Cogliano keeping cool

ROBERT TYCHKOWSKI, QMI Agency

, Last Updated: 8:30 AM ET

COLUMBUS — Andrew Cogliano tried agonizing over a season gone stale.

Didn’t work.

He tried laying awake at night, worrying about his future with the Edmonton Oilers.

That didn’t work, either.

All it got him was tired and stressed.

So he figured to hell with it, just play and let the future take care of itself.

“Mentally, I exhausted myself over the course of the year,” said the 22-year-old forward. “I was beating myself up over it, trying to figure out what was the problem.

“Now I’m just loose. I’m at the point where I’m just playing, really not thinking about the last few months. If things happen my way, they do. If not, I’ll continue to play hard and hopefully turn it around next season.

“It’s a very relaxed mode for me; I’m just taking another approach other than constantly going over everything mentally.”

After back-to-back 18-goal seasons as a key member of the Oilers’ Kid Line, he became the forgotten stepchild this season.

Always overlooked when the team is searching for somebody to round out their top six forwards, Cogliano has most often been relegated to the third or fourth line, seeing little or no (mostly no) power play time.

“It’s hard, but you have to work through things like that, it’s not an excuse,” he said.

“When you’re put in a certain role, you have to adapt. If you’re playing in the bottom six (forwards) or on the fourth line, you can’t pretend you’re on the top line.

“If they’re asking you to go hit, to go dump the puck in, then that’s what you do.”

For a player who’d never struggled before at any level, it was a pretty significant jolt. This, for a guy whose confidence was already rattled before the season even started when he learned about being served up in the failed Dany Heatley trade.

“I’ve never been in a situation (struggling trade bait) like that in my career, so mentally I was a little screwed up,” said Cogliano, who could never really exhale until the trade deadline came and went.

“I was exhausting myself to the point that it was affecting my play.”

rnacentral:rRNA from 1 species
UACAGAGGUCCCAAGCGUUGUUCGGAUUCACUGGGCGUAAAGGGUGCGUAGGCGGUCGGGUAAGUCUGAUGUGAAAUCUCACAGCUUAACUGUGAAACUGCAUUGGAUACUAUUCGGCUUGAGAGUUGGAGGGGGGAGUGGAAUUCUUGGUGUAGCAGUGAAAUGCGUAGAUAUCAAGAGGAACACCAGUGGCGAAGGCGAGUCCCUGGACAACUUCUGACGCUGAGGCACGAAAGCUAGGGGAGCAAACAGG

His future is still unclear here, as the Oilers need to make a decision on him before the end of the season.

Is he in the rebuilding plans or not? If so, what kind of player does management want him to be?

The coaching staff has been asked to play him at centre, on a good line.

So far, so good. Moved to the first line between Dustin Penner and Gilbert Brule two games ago, Cogliano has two goals and an assist in the two starts and is coming off one of his best games of the season Saturday, in front of friends and family in Toronto.

“With the opportunity you hopefully can seize the moment,” said the former first-round draft pick (25th overall in 2005). “I’m just trying to take the opportunity and run with it.”

Where it leads him remains to be seen. With the likes of Jordan Eberle and Taylor Hall or Tyler Seguin arriving soon, securing a top-six spot should only get tougher. Reinventing himself as a two-way forward who can kick in 20 goals a year is realistic, though.

“I think it’s a situation where the organization is trying to find out who they want for the long haul,” he said.

“I don’t think they look at me as a 30-40 goal guy. You have to be realistic about what you can do.

“But I’ve taken steps in parts of the game I never have before, like playing gritty, my faceoffs are better, playing a more sound game.

“And I’m confident I always will have the offensive ability to score close to 20 goals a year.

“That’s what I’ve been saying to myself, I’ve done it before. It wasn’t a fluke.”

robert.tychkowski@sunmedia.ca


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